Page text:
Three teams now set to compete for the ultimate prize â?? a BAFTA Ones to Watch award
After months of intense and impassioned game development, the Dare to be Digital contest has selected its final three winning teams.
The Butterflyers, Gentlemen of Fortune and Pixel Pirates have each walked away from Edinburgh Festival Fringe with £2,500 in hand and – ultimately – a chance to win the coveted Ones To Watch BAFTA prize.
Back in April, fourteen teams from six different parts of the world were announced as finalists for the Dare to be Digital contest.
Each team had a prototype of their original game, which was developed into a final build during an intense ten-week course at the University of Abertay in Dundee.
With access to high-end development tools and equipment, as well as mentoring from some of the biggest names in the games industry, the fourteen teams finally revealed their finished work last week at the Edinburgh Interactive Festival.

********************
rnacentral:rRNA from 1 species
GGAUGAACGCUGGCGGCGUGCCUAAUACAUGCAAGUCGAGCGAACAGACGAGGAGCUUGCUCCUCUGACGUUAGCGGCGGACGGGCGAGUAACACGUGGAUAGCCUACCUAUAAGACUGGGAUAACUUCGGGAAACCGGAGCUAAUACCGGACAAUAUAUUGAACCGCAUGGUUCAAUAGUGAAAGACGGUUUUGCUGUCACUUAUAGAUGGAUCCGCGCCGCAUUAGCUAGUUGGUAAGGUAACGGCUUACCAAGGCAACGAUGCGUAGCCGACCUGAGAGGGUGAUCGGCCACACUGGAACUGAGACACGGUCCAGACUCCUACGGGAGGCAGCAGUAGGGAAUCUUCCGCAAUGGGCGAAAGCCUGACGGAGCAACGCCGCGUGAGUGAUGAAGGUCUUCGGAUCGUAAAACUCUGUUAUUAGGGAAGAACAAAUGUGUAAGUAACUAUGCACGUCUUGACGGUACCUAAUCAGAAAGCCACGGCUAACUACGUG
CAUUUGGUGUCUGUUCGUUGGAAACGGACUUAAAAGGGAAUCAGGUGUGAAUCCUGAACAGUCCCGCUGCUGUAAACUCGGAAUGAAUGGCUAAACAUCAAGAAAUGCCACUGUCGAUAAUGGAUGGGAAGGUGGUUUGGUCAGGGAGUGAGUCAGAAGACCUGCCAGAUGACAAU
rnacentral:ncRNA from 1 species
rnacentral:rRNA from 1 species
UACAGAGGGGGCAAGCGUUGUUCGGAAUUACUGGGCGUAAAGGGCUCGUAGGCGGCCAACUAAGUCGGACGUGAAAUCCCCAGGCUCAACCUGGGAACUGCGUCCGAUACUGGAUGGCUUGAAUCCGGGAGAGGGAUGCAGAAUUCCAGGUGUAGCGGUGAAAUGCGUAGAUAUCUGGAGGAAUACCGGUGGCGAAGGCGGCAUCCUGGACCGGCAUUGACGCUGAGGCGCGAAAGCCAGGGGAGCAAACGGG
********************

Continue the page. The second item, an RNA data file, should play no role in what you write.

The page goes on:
But only three could walk away as the winners of Dare to be Digital, a game design contest that’s now in its tenth year, and one that sees – on average – over 80 per cent of participants go on to get jobs in the games industry.
The three BAFTA-award finalists, selected by the public and industry members, had each come from Abertay University. Portsmouth University’s Inertia Interactive won the Intel Visual Adrenaline Award, while Abertay’s Five Armed Bandits took the Audience Award.
The industry judging panel was comprised of companies such as Sony, Rockstar North, Ninja Theory, Disney, Blitz Games Studios, BAFTA, Realtime Worlds, Denki and Rare.
“I was impressed with the level of quality at this year's Dare Protoplay, which just keeps on getting better,” said Andy Nuttall of the BAFTA games judging panel.
“Each team showed determination to impress both through their games and their pitches, with plenty of originality and technical achievement on show. It was difficult to pick three to go forward, and choosing one for the ultimate ‘Ones to Watch’ award at the BAFTAs will be particularly tough."